We are taught essential elements of medicine such as holistic thinking, integrative care, and hands-on care to diagnose, treat, and prevent illness and injury. This additional training sets us apart and makes us a high commodity to the medical community.
The accomplishment I am most proud of thus far in my career is
The accomplishment I am most proud of thus far in my career is the ability to maintain a work-life balance. As a wife, mother of four, and full-time family physician, life can be very hectic. I used to believe that I had to do it all perfectly with a smile on my face and an "S" on my chest. Well, that had proved to be very stressful and was not realistic. So, now I understand and accept that it is O.K. to have a few dirty dishes in the sink, to invest in a house cleaner, to order take-out/or even have groceries delivered to my home! I am not superwoman, and I am O.K. with that! We are human, and we made an oath to do no harm to our patients, which starts with taking care of ourselves first. You can not give what you don't have. I make deposits into myself with alone time, mani-pedi, etc., so that I can make withdrawals when needed for others.
What my Practice Looks Like today
My practice looks like an opportunity for professional, academic, and personal growth. The awesome thing about Family Medicine is having the foundational knowledge of every aspect of medicine! I enjoy procedures, and the opportunity to train, enhance, and even specialize in certain outpatient procedures are within reach. I appreciate all aspects of medicine, including administrative, practice-based medicine, healthcare transformation. The opportunity to gain experience and ultimately shape the future of medicine is within my reach. I have the privilege to connect with my patients in a way many specialists are unable to. I get to know them, their families, their desires/hopes and dreams. I get to be part of someone's life who has entrusted me with the forward direction of their health...what an honor. How lucky am I really? I see an average of 18 patients per day, various pathologies and procedures. I have a great team and supportive staff; therefore, my focus is primarily on my patients.
What is the best advice you can give a medical student to help them in their path towards being a physician?
Do what you love and do it for yourself! Life is short, it's only but a vapor, so make every moment count, no regrets. Always move forward, and when you are unable to, be still and listen to your heart; it won't fail you. The journey into medicine is not easy, and it shouldn't be. The life skills (and knowledge, of course) will sustain you well into your adult life as a seasoned physician. Learn and embrace everything about OMT; it's an invaluable skill that can take you far, and also is what makes you extra special.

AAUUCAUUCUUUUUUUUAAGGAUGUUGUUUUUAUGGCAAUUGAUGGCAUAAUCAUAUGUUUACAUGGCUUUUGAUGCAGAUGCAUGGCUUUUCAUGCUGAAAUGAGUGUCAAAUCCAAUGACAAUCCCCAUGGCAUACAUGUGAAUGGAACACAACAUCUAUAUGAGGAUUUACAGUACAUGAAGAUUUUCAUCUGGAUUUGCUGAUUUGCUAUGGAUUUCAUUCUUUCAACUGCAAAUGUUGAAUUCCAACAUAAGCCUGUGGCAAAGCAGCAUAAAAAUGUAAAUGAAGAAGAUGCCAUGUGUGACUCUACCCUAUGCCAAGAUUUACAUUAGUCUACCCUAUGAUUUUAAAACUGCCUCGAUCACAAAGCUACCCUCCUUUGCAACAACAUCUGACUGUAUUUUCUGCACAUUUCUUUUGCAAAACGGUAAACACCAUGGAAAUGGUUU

When I look back on my time at VCOM, I think fondly about
When I look back on my time at VCOM, I think fondly about my professor, Dr. Anderson; she was a vibrant woman who provided guidance and support throughout medical school. I also think of Megan Price; she was my advocate and was always uplifting and carried a beautiful smile every time I saw her! I also think about our medical mission trips to Missouri and El Salvador; we had such a wonderful team of people with the same goal and mission. I remember when Dr. Rawlins taught us the Texas-twist, and she allowed me to perform a couple of HVLA techniques on her; I was slightly timid while thinking to myself, "Please don't break anything on the Dean's body." I think about a good friend, Elizabeth Delouise; we used to find these "honey-holes," as she called it, which were awesome places to study all day.
I am pleased to be a DO because
I am pleased to be a DO because I have a unique perspective of the human body that very few MDs have, which is why I am usually highly sought after. We are taught essential elements of medicine such as holistic thinking, integrative care, and hands-on care to diagnose, treat, and prevent illness and injury. This additional training sets us apart and makes us a high commodity to the medical community.
For me, the most unforgettable moment in medical school was
For me, the most unforgettable moment in medical school was staying on an Alpaca farm during my medical rotation in Lebanon, VA! I was able to assist with injections/medications/ultrasounds and other basic care of the Alpaca. I am still distraught that I missed the delivery of the alpaca baby, but I guess I was there to learn more about the medicine of the human body instead. It was a memorable experience, to say the least. We stayed in a beautiful cabin surrounded by lush land and hills. The night sky was always crystal clear and filled with the most illuminating stars. I also remembered doing an OMM rotation with Dr. Steven Blood. He allowed me to perform prolotherapy injections on his cervical spine.
When I am not working, I enjoy
When I am not working, I enjoy online shopping for sales, window-shopping, yard-sales (have to pay back those loans, can't get everything new), traveling the world (last year went to Rome, Barcelona, and Florence) when we can find childcare, decorating, watching design on a dime, and photography.
A career in medicine is worthwhile because
A career in medicine is worthwhile because I have the honor to be placed in a position where people trust me with their lives to provide the best holistic healthcare possible.